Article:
Updated April 10, 2023
Definition of Haskell Array
In Haskell array is used to store the different values, it is immutable in nature, which means once assigned we cannot modify the original one. If we perform any operations on the array then it will always return us to the new array, only accessing elements is fine with the original one. In a functional programming language, we have two main approaches named monolithic and incremental in the coming section we will discuss the two approaches in detail, we can create an array in Haskell by using two ways one is direct initialization and one is mentioned the index and size of the array. In the coming section of the tutorial, we will see the internal working, and implementation in detail for better usage while programming for beginners.
As we know that an array used to store data, we have two approaches to create it and initialize it. Let’s take a look at the syntax for array creation in Haskell for beginners for better understanding see below;
Ix a => (a,a) -> [(a,b)] -> Array a b
As you can see in the above line of syntax, given by the Haskell official documentation, this parameter defines the index and type of array, which we will discuss in the coming part. Let’s take a look at the practice syntax for better understanding see below;
array (index, typr) [(1,"value 1"),(2,"value 2"),(3,"value 2"),(4,"and so on .."))]
As you can see in the above line of practice syntax, this is now pretty much clear how we can define the array in Haskell. We are using the ‘array’ keyword to define it. Now we will see the internal working of the array and usage in detail for better understanding for beginners.
How array works in Haskell?
As we now already know that array is used to store the elements together as a group. We can specify the index as well, inside the array we can store any type of data in an array. Also in Haskell, we have two approaches to create the array named incremental and monolithic. In the incremental approaches, we have one defined function which generates the array for us with a given size but the array would be empty here we can assign it the value later after creation. In the monolithic approach, we can give the index value, array and it will produce us the new array which will be different from the given or original array. Arrays are immutable in nature which means once the array is created we cannot modify it, if we are performing any operation on it then we will always receive a new array not the original one.
Now we will take a closer look at the array signature given by the Haskell and try to understand each passing parameter inside it in detail see below;
signature of the array by Haskell;
Ix a => (a, a) -> [(a,b)] -> Array a b: Here Ix is the library that defines the index for us, by the use of this we can define the instances for integer, string, char, and number, etc. in Haskell. Also, we have a length which is of 5. We can also use the range function which can produce an array for us contenting the elements within this range only. The one signature we are using here is a monolithic approach which takes an index with the array and a value to create the array in Haskell. suppose we want to create an array from 1 to 10, then the index will start from the 1 and goes up to 10. we can give the definition as (1, 10), below we will see one piece of sample code which will use the monolithic approach to create the array in Haskell, by this wit will more clear to us how to mention the parameter inside the monolithic approach see below;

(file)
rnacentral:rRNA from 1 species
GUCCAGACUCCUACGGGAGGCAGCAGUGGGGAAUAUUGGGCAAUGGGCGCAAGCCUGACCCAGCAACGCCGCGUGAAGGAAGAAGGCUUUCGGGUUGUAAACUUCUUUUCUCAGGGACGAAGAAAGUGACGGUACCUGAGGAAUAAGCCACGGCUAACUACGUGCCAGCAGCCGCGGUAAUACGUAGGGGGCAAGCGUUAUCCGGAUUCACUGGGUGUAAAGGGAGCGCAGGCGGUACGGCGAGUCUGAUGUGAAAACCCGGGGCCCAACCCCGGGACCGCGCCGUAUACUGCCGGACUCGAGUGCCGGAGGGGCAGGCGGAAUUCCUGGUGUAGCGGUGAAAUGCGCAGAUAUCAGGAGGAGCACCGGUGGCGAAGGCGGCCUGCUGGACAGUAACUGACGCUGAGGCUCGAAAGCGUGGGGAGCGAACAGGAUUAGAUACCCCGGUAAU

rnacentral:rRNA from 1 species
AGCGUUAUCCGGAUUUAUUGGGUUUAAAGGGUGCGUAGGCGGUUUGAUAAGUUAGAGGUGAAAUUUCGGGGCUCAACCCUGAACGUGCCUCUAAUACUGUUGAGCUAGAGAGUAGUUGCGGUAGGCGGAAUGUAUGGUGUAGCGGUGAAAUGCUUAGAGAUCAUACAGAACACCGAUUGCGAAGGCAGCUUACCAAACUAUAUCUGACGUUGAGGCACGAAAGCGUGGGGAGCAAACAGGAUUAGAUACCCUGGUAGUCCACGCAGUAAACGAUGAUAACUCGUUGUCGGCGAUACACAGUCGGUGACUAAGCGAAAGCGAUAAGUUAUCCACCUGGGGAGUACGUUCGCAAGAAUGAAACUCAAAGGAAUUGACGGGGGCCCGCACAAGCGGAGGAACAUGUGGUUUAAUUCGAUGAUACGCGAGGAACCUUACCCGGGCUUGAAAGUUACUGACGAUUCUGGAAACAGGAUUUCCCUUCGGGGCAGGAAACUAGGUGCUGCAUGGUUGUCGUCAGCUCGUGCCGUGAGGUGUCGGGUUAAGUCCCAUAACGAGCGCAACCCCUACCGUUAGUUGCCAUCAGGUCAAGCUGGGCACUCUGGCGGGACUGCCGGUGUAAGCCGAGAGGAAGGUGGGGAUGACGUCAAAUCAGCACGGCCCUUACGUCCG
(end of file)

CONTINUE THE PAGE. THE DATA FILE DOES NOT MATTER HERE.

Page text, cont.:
import Data.Array a = array (0,2) [(0,1),(1,5),(2, 10)] main = do print(a)
As you can see in the above lines of code we are trying to create an array in Haskell, so in order to create a monolithic array then we have to include one import statement into our program which is named Data. Array, if we forgot to include this then it will give us an error while creating the array so it is mandatory. After this, we are trying to create the array by passing the required parameter inside it. One is the index and another one is the size of the array, here we have mentioned ‘0’ as the index for the array which means the index will start from 0 and goes up to the side of the array, After this variable, we have assigned the size of the here it is ‘2’ which means it will take 3 pair of the group not more than this if we try to assign the value greater than the size of the array it will throw us an error saying index out of bounds exception. After the index and size, we have given the values which contain the index and the actual value we want to store in the array. In the main module, we have just try to print the array so it will display the whole array values for us.
In this example we are trying to create the array of different size, initiation with the different index by using the Haskell Data, Array import in the program, without it program will it work, This is a sample ex pale for beginners to understand the basic concept of the array in Haskell.
import Data.Array a = array (0,2) [(0,1),(1,5),(2, 10)] b = array (1,3) [(1,10),(2,20),(3, 30)] c = array (2,4) [(2,400),(3,500),(4, 600)] d = array (3,5) [(3,25),(4,26),(5, 27)] e = array (4,6) [(4,90),(5,80),(6, 110)] main = do print("demo to show array certaing in HAskell !!!") print("aray one is ::" , a) print("aray two is ::" ,b) print("aray three is ::" ,c) print("aray four is ::" ,d) print("aray five is ::" ,e)
By the use of an array, we can store our array element inside it, it can be f any number and size. we have seen two approaches for this line is incremental and another one is monolithic as discussed. Arrays are very easy to implement and handle, also they are immutable which means we can’t modify it, only the operation performed will return us a new one but will not modify the existing one.
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